Next, I would consider reducing the maintenance dose of Digoxin by half (to 0.125mg PO daily) to account for her poor renal clearance and monitor for continued adverse effects. Her potassium levels would need to be replaced in order to restore the function of the sodium/potassium/ATPase pump and close the voltage-gated calcium channel. This is the most effective treatment for her symptoms her digitalis toxicity. However, her potassium levels must be continually monitored to insure that she does not become hyperkalemic since this could also induce an arrhythmia.
After considering reducing the Digoxin dose, I would most likely switch to her to Digitoxin instead since Digoxin relies on 90% renal excretion. Digitoxin is metabolized by the liver and relies on biliary excretion instead of renal excretion. This would make Digitoxin a more suitable treatment than Digoxin since Ms. Swanson has heart failure complicated with chronic renal disease. Digitoxin also would not compete with Furosemide for renal excretion so this would also decrease Ms. Swanson’s long-term risks of ototoxicity as well as digitalis toxicity.
I would switch Ms. Swanson’s Furosemide to intravenous piggyback instead of intravenous push to decrease the rate of administration since the ototoxicity associated with loop diuretics is associated with the rate of their administration.
Ms. Swanson should be told to report any further symptoms of nausea, vomiting, decreased appetite, palpitations, weakness/tiredness, muscle pains, or yellow/green halos around her visual field immediately. She should be taught to eat foods that are rich in potassium such as bananas, broccoli, oranges, meat, fish, squash, peaches, prunes, and soy products to decrease her risk of digitalis toxicity.
She should continue to follow a low sodium diet and check her weight daily once she leaves the hospital. If she is experiencing a three to five pound weight gain per week, she should notify her provider immediately. She should be told to change positions slowly since her medications put her at increased risk for orthostatic hypotension. (Hoyt & Bowling, 2001). Finally, Ms. Swanson should be instructed to report any ringing in the ears to her provider immediately.
Although Digitoxin is excreted through the liver instead of the kidneys, it still has a very similar toxicity profile to Digoxin. It also has a much longer half-life than Digoxin and therefore, the toxic effects may last much longer. Due to this, Ms. Swanson’s serum potassium and Digitoxin levels must be monitored very closely especially when taken in combination with Furosemide. If she takes insulin to treat her diabetes, care providers must be aware of her potassium level before administering it since it could further decrease the potassium level. While in the hospital, Ms. Swanson should be attached to a continuous electrocardiogram monitor and care providers should be alert for the presentation of any new arrhythmias. They should also continue to monitor for a heart rate below 60 and withhold administration of Digitoxin if this occurs. Her blood pressure and respiratory rate should also be assessed at least once an hour and with any dizziness upon standing.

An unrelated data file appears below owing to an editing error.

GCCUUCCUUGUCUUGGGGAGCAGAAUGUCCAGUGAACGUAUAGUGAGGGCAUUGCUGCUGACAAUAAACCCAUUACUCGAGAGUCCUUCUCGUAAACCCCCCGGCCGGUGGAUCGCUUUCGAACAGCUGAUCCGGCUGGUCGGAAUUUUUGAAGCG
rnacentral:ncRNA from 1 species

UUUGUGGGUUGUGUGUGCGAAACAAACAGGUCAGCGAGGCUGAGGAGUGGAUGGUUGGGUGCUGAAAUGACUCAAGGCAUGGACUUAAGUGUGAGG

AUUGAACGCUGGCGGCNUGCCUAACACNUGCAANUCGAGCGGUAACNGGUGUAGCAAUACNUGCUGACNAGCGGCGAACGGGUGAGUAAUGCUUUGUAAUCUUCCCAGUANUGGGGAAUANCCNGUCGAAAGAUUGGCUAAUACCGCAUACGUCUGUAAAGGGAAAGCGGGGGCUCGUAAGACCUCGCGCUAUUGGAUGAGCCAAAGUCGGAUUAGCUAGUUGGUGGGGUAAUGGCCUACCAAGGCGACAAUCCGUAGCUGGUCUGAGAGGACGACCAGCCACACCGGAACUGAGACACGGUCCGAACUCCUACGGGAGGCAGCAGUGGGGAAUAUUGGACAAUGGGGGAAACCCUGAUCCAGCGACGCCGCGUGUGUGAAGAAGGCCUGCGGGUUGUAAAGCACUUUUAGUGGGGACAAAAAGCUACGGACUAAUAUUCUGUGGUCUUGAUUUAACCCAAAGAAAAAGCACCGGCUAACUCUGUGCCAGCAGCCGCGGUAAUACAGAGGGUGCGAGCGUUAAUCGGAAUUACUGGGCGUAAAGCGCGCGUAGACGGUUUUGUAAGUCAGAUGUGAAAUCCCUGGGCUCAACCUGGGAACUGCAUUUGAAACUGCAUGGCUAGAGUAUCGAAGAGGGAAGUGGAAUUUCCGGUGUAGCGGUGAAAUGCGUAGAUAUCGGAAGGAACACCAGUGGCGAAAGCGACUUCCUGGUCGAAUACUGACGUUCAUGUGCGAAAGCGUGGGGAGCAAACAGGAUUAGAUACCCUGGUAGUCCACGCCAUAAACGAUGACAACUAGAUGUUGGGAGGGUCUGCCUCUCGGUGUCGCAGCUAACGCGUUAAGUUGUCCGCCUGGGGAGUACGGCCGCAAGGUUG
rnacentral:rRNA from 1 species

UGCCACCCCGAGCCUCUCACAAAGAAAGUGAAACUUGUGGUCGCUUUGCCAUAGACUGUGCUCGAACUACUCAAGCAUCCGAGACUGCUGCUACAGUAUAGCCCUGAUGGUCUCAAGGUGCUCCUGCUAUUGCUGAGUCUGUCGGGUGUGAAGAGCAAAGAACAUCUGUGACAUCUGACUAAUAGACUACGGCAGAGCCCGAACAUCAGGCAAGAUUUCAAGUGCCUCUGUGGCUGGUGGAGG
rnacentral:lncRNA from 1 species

Furosemide inhibits the reabsorption of calcium and magnesium so these levels should be frequently checked and replaced as needed. Her BUN and creatinine levels should also be monitored to ensure they are not rising. The amount and color of her urine should be assessed each hour. She should be weighed daily and assessments of her heart, lungs, and peripheral edema should be completed at least every 12 hours with medication administration. Finally, she should be assisted with all ambulation since she is at higher risk for orthostatic hypotension.
Adebayo, S. O., Olunuga, T. O., Durodola, A., & Ogah, O. S. (2017). Heart failure: Definition, classification, and pathophysiology- A mini-review. Nigerian Journal of Cardiology 14(1). Retrieved from D. E., Armstrong, E. J., & Armstrong, A. W. (2017). Principles of cardiovascular pharmacology. Principles of pharmacology: The pathophysiologic basis of drug therapy (4th ed.) (pp. 335-496). Philadelphia: Wolters Kluwer Health.
Hoyt, R. E., & Bowling, L. E. (2001). Reducing readmissions for congestive heart failure. Amerian Family Physician 63(8). Retrieved from